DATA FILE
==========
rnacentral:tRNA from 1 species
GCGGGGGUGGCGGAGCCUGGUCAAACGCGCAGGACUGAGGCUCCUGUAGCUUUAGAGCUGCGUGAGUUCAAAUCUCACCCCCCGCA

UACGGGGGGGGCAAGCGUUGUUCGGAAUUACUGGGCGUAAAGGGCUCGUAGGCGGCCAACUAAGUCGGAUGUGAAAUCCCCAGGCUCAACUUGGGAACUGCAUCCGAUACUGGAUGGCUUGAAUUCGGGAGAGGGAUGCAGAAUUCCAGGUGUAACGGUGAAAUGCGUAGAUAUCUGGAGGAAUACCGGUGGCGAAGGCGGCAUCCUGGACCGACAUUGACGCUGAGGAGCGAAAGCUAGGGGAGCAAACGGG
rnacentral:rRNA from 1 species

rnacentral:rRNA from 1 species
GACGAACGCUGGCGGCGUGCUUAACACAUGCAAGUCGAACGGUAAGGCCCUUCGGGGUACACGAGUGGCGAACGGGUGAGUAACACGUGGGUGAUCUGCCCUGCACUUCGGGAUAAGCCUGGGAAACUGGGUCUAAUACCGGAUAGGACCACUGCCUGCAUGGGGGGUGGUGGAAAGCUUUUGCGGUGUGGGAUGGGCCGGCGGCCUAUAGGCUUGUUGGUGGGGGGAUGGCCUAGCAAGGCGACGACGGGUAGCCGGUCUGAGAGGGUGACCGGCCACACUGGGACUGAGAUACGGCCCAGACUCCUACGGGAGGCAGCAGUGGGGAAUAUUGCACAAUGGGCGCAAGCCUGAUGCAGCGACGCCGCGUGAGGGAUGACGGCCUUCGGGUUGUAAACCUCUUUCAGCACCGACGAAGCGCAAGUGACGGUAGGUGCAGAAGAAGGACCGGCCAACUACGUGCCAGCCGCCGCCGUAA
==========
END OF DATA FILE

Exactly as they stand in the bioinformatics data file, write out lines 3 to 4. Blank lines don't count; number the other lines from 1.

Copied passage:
UACGGGGGGGGCAAGCGUUGUUCGGAAUUACUGGGCGUAAAGGGCUCGUAGGCGGCCAACUAAGUCGGAUGUGAAAUCCCCAGGCUCAACUUGGGAACUGCAUCCGAUACUGGAUGGCUUGAAUUCGGGAGAGGGAUGCAGAAUUCCAGGUGUAACGGUGAAAUGCGUAGAUAUCUGGAGGAAUACCGGUGGCGAAGGCGGCAUCCUGGACCGACAUUGACGCUGAGGAGCGAAAGCUAGGGGAGCAAACGGG
rnacentral:rRNA from 1 species